Their work The Madwomen in the Attic argues that in the past and up to the present, the women writer’s creativity has been identified virtually and completely with men. So, their aim is to locate a place where women’s writing can be heard.
Anxiety of authorship is a feminist theory developed by Gilbert and Gubar that can be read as a revision of Harold Bloom’s theory of ‘anxiety of influence’. They define it as a radical fear undergone by female writers that they cannot create. They can not be precursors and that the act of writing inevitably isolates her from male forefathers and destroys her. This anxiety is further followed by other anxieties that the literary forefathers will subdue her voice and identity as a writer, escape the dilemma she faces in defining her subjectivity and potentials.Bloom claims that a young poet suffers from the anxiety of belatedness, thereby being unable to successfully rival his literary fathers. But Gilbert and Gubar revised Bloom’s male centered model to make into account the experience of literary daughters. They argue that women writers like Jane Austin, Emile Dickinson do not fit into Bloom’s theory, as there are no material precursors under the male literary tradition. So the literary daughters have the anxiety of authorship imposed by the pervasive view of writings as only male activity- the pen as a metaphorical phallus.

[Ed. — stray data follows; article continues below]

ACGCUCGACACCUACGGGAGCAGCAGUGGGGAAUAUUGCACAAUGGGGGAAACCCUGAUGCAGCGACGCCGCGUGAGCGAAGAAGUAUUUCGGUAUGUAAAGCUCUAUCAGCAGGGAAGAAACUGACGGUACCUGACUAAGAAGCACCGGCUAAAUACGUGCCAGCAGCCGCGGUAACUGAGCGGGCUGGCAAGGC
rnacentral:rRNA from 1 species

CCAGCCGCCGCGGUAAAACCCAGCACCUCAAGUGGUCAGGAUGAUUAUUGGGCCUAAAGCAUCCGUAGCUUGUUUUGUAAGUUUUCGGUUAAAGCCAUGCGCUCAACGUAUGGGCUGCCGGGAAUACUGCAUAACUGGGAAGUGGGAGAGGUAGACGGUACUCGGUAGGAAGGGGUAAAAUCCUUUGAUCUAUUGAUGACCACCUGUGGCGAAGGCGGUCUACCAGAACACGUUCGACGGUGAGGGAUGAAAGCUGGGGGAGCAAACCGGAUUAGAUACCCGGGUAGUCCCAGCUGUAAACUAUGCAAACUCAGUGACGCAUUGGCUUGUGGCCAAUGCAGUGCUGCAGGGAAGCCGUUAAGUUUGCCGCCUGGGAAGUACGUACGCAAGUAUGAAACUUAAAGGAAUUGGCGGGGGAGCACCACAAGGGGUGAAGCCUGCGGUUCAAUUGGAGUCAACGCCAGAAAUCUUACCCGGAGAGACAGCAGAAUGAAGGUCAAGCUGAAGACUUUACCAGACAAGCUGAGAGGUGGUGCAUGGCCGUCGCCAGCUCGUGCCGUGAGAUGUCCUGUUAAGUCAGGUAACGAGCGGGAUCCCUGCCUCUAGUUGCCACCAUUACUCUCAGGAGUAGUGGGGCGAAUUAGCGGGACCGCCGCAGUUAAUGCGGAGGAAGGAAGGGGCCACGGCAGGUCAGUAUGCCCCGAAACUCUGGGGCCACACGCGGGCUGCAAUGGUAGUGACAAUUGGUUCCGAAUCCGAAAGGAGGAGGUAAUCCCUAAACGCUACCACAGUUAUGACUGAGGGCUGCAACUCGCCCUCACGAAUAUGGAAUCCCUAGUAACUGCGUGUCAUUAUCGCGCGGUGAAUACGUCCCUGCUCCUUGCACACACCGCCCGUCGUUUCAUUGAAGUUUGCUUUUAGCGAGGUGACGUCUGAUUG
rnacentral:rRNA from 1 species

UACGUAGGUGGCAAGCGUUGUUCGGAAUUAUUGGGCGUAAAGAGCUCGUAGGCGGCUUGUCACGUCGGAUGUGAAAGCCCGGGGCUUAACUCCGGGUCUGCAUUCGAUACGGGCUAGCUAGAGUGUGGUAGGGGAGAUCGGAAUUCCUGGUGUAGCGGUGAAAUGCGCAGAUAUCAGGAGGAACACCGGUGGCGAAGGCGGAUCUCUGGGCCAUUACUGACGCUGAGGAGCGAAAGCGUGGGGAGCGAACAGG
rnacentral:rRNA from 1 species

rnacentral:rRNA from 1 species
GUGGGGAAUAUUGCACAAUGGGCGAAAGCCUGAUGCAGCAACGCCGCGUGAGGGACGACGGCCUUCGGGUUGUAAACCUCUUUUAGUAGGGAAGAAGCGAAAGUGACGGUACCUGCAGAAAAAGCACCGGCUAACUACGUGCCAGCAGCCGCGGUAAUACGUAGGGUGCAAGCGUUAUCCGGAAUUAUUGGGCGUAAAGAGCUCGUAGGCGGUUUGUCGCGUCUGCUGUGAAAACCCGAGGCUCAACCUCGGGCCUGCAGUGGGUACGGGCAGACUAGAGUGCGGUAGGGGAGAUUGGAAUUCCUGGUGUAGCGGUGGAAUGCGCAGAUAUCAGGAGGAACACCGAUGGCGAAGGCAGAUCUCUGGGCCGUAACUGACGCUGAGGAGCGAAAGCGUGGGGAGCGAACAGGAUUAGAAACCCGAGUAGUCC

Unlike to the literary sons who suffer from anxiety of influence, the literary daughters’ anxiety of authorship is positive, and creative, offering them less competition and more grateful connection to their foremothers. However, the literary daughters’ deep sense of insecurity of writing can be found in their infected sentences of uneasiness and repression. But their creativity free from the anxiety of influence helps them to begin new and unique women writing tradition with freshness, novelty, radicality making distinct from male writing. They create their own poetics because of the anxiety of authorship.